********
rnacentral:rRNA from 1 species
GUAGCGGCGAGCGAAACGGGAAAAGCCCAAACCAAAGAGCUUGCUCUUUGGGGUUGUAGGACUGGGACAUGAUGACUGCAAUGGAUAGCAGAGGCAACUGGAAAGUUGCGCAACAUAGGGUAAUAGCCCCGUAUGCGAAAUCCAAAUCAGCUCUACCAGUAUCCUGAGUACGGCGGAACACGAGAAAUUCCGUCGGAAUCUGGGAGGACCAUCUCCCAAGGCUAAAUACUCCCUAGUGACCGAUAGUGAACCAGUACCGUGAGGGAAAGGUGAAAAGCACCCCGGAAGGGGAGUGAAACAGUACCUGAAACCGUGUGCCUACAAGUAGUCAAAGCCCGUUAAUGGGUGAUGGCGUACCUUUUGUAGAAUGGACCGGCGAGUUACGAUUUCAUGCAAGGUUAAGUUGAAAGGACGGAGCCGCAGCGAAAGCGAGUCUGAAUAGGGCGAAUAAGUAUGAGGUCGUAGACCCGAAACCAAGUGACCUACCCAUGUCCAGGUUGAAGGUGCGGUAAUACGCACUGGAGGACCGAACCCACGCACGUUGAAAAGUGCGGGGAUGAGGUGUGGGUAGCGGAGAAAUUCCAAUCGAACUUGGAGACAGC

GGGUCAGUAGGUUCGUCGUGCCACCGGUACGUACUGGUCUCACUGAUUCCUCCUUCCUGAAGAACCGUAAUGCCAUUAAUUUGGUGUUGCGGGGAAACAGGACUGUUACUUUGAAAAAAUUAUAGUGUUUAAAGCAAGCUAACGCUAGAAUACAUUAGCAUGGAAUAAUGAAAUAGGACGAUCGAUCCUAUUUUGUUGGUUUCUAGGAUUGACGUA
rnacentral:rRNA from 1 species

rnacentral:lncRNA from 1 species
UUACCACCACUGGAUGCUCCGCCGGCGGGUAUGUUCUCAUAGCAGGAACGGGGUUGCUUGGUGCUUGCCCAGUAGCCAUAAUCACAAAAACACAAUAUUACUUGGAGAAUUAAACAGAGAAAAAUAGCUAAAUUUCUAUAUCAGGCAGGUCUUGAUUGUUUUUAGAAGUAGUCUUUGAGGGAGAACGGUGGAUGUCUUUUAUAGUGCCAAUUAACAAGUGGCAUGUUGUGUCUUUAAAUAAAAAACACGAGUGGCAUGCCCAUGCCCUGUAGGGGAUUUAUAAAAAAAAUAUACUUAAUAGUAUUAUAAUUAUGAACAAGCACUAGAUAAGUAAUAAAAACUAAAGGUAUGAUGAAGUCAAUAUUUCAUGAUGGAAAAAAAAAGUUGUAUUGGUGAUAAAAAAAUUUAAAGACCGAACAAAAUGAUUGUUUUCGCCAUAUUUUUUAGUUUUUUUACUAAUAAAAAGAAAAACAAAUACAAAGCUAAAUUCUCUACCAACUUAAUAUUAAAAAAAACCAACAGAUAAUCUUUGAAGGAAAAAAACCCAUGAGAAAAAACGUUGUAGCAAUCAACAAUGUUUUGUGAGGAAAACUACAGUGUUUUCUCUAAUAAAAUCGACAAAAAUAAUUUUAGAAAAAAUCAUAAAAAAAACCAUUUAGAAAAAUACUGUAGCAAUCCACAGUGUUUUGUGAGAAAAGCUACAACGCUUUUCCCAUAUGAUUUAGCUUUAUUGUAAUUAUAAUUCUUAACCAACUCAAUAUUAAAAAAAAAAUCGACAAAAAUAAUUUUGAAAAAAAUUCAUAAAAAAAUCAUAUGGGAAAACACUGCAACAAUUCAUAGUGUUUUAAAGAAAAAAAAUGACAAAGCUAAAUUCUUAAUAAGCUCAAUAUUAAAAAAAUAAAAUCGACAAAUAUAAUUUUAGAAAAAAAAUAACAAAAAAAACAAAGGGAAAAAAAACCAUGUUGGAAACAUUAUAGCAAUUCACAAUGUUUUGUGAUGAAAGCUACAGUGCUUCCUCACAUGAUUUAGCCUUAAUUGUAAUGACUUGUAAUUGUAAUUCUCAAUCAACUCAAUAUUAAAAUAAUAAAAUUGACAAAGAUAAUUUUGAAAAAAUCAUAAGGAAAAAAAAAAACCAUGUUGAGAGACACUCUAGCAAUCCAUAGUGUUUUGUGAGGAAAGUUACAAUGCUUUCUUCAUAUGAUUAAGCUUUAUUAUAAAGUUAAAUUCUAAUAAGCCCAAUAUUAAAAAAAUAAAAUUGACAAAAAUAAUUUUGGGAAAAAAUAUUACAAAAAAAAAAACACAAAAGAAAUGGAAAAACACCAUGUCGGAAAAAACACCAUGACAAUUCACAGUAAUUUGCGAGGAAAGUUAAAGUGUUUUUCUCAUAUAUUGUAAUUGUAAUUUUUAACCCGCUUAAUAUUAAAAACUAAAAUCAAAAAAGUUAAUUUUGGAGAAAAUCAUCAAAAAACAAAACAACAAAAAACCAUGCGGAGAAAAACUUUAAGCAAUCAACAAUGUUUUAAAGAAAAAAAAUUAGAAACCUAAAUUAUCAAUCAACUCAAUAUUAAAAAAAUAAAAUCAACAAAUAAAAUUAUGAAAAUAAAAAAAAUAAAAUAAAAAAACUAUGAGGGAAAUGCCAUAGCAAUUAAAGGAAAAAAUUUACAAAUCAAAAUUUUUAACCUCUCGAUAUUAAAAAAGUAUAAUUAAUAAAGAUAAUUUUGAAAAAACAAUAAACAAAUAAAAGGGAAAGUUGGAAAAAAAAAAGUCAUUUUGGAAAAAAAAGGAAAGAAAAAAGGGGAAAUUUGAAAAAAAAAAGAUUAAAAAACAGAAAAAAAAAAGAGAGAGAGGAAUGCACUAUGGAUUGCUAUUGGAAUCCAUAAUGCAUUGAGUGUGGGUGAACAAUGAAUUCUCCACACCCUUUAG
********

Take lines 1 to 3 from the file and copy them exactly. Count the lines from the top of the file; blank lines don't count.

rnacentral:rRNA from 1 species
GUAGCGGCGAGCGAAACGGGAAAAGCCCAAACCAAAGAGCUUGCUCUUUGGGGUUGUAGGACUGGGACAUGAUGACUGCAAUGGAUAGCAGAGGCAACUGGAAAGUUGCGCAACAUAGGGUAAUAGCCCCGUAUGCGAAAUCCAAAUCAGCUCUACCAGUAUCCUGAGUACGGCGGAACACGAGAAAUUCCGUCGGAAUCUGGGAGGACCAUCUCCCAAGGCUAAAUACUCCCUAGUGACCGAUAGUGAACCAGUACCGUGAGGGAAAGGUGAAAAGCACCCCGGAAGGGGAGUGAAACAGUACCUGAAACCGUGUGCCUACAAGUAGUCAAAGCCCGUUAAUGGGUGAUGGCGUACCUUUUGUAGAAUGGACCGGCGAGUUACGAUUUCAUGCAAGGUUAAGUUGAAAGGACGGAGCCGCAGCGAAAGCGAGUCUGAAUAGGGCGAAUAAGUAUGAGGUCGUAGACCCGAAACCAAGUGACCUACCCAUGUCCAGGUUGAAGGUGCGGUAAUACGCACUGGAGGACCGAACCCACGCACGUUGAAAAGUGCGGGGAUGAGGUGUGGGUAGCGGAGAAAUUCCAAUCGAACUUGGAGACAGC

GGGUCAGUAGGUUCGUCGUGCCACCGGUACGUACUGGUCUCACUGAUUCCUCCUUCCUGAAGAACCGUAAUGCCAUUAAUUUGGUGUUGCGGGGAAACAGGACUGUUACUUUGAAAAAAUUAUAGUGUUUAAAGCAAGCUAACGCUAGAAUACAUUAGCAUGGAAUAAUGAAAUAGGACGAUCGAUCCUAUUUUGUUGGUUUCUAGGAUUGACGUA